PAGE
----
MILAN — An equipment shortage for medical and factories’ workers is one of the most serious problems affecting Italy, where the coronavirus epidemic has already killed more than 3,500 people.
Thousands and thousands of face masks manufactured in China which every day get stuck at customs for bureaucratic reasons, and an additional 200,000 medical face masks produced by Turkish company Comitec, already paid for by the Emilia-Romagna region to supply its hospitals, have been stopped since March 4 at the Ankara port waiting to get a green light form Turkey’s Ministry of Foreign Trade. Time is of the essence, so Italian textiles and manufacturing companies are evaluating options to reconvert their production to meet the needs of the country.
“In this emergency, we saw a strong desire in the Italian companies part of our supply chain to give their contribution. I perceived a lot of solidarity, but also a lot of confusion,” said Claudio Marenzi, president of Confindustria Moda. “For this reason, we worked with several associations to define a protocol, which is now going through a series of approvals, that will enable the different companies to have guidelines for their productions.”
Professional services company PwC Italia played a key role to coordinate the project. In particular, last week PwC Italia’s partner and retail and consumer consulting leader Erika Andreetta launched a call for action via social media to fashion companies and private laboratories stocked with TNT textile. The posts were shared by fashion journalists and influencers — including Chiara Ferragni — magnifying the response and attracting over 200 candidates to the cause in three days.
“We had really all sorts of contacts.…It was a beautiful gesture and a sign of the huge will to participate in such a project,” said Andreetta. “Things got structured when Confindustria Moda and CNA Federmoda [the confederation of craft trades and small- and medium-sized enterprises] activated their respective companies.”
With the collaboration of the Sportello Amianto Nazionale, which promoted the idea of converting Italian manufacturers to aid the country during the health emergency, all parties established a single protocol to follow to produce disposable TNT medical smocks, caps, shoe covers as well as professional surgical masks. The government’s “Cure Italy” decree, allocating 25 billion euros as an aid package and issued this week, also helped the process as it includes some extraordinary bureaucratic measures to speed up the production of medical kits and certification procedures.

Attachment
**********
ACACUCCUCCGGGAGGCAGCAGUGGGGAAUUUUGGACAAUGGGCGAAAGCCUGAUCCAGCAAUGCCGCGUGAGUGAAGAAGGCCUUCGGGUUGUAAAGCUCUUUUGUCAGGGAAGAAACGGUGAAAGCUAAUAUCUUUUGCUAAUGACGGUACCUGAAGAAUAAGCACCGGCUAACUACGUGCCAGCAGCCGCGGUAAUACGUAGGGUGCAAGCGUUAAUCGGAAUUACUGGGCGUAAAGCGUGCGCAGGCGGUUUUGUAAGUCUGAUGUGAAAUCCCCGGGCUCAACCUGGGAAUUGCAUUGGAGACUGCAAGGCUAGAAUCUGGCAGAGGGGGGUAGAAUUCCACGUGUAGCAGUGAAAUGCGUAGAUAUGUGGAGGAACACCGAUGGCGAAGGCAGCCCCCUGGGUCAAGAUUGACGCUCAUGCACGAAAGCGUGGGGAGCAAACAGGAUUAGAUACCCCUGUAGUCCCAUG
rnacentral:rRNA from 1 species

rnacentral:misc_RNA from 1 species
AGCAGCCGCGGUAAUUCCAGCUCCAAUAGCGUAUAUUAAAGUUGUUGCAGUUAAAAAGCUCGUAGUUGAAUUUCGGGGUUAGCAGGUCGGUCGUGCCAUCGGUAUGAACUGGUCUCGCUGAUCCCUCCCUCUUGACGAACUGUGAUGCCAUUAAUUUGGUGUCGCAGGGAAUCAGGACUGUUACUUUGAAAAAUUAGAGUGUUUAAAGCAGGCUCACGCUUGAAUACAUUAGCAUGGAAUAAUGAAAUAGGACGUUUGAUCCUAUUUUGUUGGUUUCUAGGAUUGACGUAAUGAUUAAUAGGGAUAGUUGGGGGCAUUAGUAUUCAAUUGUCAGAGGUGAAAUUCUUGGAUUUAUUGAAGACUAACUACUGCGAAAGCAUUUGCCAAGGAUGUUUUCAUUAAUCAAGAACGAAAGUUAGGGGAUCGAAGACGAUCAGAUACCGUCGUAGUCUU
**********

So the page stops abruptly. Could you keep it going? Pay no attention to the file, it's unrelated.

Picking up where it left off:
Andreetta said the first sample of the medical kit is now in the process of being certified. “The certification is essential since what will be produced will be for professionals and destined to hospitals. We hope that the production will start mid-next week, but it really depends on when we will get the certification first.”
Meanwhile, the Sportello Amianto Nazionale is checking the availability of TNT declared by the candidates, and scouting firms that could join the cause. In particular, the organization is prioritizing companies producing TNT in Italy, using certified materials, with an available stock and a production capacity.
“To face the current sanitary emergency the Italian government has introduced new rules to place on the market surgical masks and Personal Protective Equipment including working coveralls, shoes’ covers, and gloves, as well as glasses and visors. By a dedicated section of the “Cura Italia Decree,” the government has provided for new, more flexible provisions for manufacturers from now on, until the end of the emergency,” explained Daniele Vecchi, partner from consumer law team of Italian law Firm Gianni, Origoni, Grippo, Cappelli & Partners. “Particularly, given the peculiarity of the circumstances, manufacturers which are willing to bring surgical masks or PPE on the market are no more required to obtain that their products are provided with the “CE marking”, which in general is a guarantee that a product is safe. Differently, they are allowed to autonomously certify that their products are safe, as they have been projected and are manufactured in compliance with applicable legislation.”
Vecchi also explained that, for this purpose, manufacturers of surgical masks have to submit self-declarations in writing to the ISS, or the Istituto Superiore di Sanità. Manufacturers are liable for the content of their declarations, which therefore must be true and accurate. In the following three days, they have to provide the ISS with any element regarding their products which may consent the ISS to evaluate whether the same products are safe or not under the applicable legislation. In turn, the ISS has three days to communicate to the manufacturers the outcome of its assessments. The same procedure is applicable for Personal Protective Equipment, but in this case INAIL — Istituto Nazionale contro gli Infortuni sul Lavoro, is the authority in charge.